If marriage conferences make you ill because your spouse doesn’t change; if marriage books and blogs like mine frustrate you because while you want to improve your marriage your spouse doesn’t and won’t; if you feel disconnected from your spouse and you seem to be the only one who notices or cares, what then?
You have an opportunity for a difficult but rich spiritual journey. It’s not one anybody would likely choose on their own. At first it isn’t very sweet but in the end it can take you to a spiritually prosperous place.
Thomas a Kempis wrote that “You will quickly be disappointed if you seek comfort and gain from others. If, however, you seek Jesus in all things, you will surely find Him.”
As a pastor who works with real couples, I’ve become a realist. God can heal, but sometimes people resist healing. God will convict but sometimes a spouse will harden their heart. You can tell someone the truth but that doesn’t mean they’ll stop lying to themselves. I have great hope and optimism because of God. If a couple will cast themselves on Him He will do mighty, even amazing things. But sometimes one spouse will quench the work of the Spirit.
If there is no marital comfort to be found, find solace in spiritual comfort. Disappointment can actually lead to a good thing when it forces us to pursue more intimacy with God. When we look to people to notice us, affirm us and appreciate us we’ll have mixed success at best or perhaps even zero success. But when we seek God, we enter the realm of certainty. Jesus promises us, “Seek and you will find.” (Luke 11:9)
For whatever reason, when I was a young boy I felt insecure and alienated, like I didn’t fit in anywhere. I grew familiar with feeling ashamed, incompetent and bothersome. But that pushed me toward God so hard that there were some rich spiritual experiences even early on. I didn’t just want God, I needed God. Looking back, I wouldn’t change what pushed me into God’s arms because what I found there was far superior to youthful success, affirmation or even self-esteem.
I can’t tell you what your next step should be in regards to your disappointing marriage, but I can tell you what your first step should in regards to your life—chase after God until He rains down His affirmation, acceptance, mercy and love, until you realize that what is happening to you breaks His heart even more than it breaks yours. Sometimes, with some people, this can take a while; God may even seem resistant, but persevere. You have this promise from Luke 11:9-13:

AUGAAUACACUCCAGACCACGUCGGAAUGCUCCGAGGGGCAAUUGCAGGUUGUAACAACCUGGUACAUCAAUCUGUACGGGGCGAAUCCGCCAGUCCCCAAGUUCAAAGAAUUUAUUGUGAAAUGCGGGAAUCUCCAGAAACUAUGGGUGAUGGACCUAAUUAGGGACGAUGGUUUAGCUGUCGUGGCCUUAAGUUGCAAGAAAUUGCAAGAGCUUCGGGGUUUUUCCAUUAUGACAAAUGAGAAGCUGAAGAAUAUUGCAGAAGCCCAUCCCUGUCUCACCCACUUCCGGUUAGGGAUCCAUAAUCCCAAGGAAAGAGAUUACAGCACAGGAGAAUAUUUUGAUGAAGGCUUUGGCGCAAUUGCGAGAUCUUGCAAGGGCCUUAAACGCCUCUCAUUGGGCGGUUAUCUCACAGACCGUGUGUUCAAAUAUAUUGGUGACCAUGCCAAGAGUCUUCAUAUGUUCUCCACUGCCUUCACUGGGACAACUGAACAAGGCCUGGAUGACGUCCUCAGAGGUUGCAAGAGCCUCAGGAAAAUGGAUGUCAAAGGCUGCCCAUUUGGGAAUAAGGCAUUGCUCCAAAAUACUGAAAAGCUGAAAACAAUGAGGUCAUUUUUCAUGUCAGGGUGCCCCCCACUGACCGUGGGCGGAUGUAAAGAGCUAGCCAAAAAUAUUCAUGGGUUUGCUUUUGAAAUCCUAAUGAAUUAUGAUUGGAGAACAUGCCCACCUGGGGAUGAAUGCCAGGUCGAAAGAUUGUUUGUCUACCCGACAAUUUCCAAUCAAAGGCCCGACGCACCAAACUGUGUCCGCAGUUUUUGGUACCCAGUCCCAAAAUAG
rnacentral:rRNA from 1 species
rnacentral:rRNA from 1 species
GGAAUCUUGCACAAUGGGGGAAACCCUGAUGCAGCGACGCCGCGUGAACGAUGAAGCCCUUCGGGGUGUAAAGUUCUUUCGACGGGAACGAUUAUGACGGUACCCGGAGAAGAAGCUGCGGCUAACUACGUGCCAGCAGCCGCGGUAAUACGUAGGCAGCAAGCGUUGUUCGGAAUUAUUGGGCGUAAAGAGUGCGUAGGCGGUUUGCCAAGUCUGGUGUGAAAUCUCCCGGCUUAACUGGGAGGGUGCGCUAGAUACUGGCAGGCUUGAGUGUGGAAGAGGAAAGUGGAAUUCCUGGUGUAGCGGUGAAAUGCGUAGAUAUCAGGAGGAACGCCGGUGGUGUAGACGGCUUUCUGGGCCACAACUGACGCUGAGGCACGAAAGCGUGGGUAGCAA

“So I say to you, ask and it will be given to you. Seek and you will find. Knock and the door will be opened. 10 For everyone who asks receives and the one who seeks finds, and to the one who knocks the door will be opened. 11 What father among you, if his son asks for a fish, will give him a snake instead of a fish? 12 Or if he asks for an egg, will give him a scorpion? 13 If you then, who are evil, know how to give good gifts to your children, how much more will the heavenly Father give the Holy Spirit to those who ask him!” (CSB)
Then, when God has enveloped you with Himself, you can act with renewed courage and discernment. I’m not telling you to give up on your marriage or to stop trying. I’m telling you to renew your love affair with God. Give yourself a break from your disappointments by leaving human expectations behind and waiting on some heavenly consolation.
If the car battery is dead, continuing to turn the key only drains it a little bit more. At some point, you have to seek a different source of power. If you have been continually and persistently disappointed looking left or right, start looking up for the new charge.
This is not to minimize the pain and hurt you feel over a broken or dying marriage. I’m not pretending that it will ever stop hurting or that this will “make everything better.” I’m just saying that in the midst of your hurt, this will help, at least a little.
Thomas a Kempis adds these words: “Life without Jesus is a relentless hell, but living with Him is a sweet paradise. If Jesus be with you, no enemy can harm you. He who finds Jesus finds a rare treasure, indeed, a good above every good, whereas he who loses Him loses more than the whole world. The man who lives without Jesus is the poorest of the poor, whereas no one is so rich as the man who lives in His grace….Of all those who are dear to you, let Him be your special love.”
This blog is not written for women in abusive marriages. The advice offered in these posts will challenge both husbands and wives, but the advice could be counter-productive if it is applied in an abusive relationship.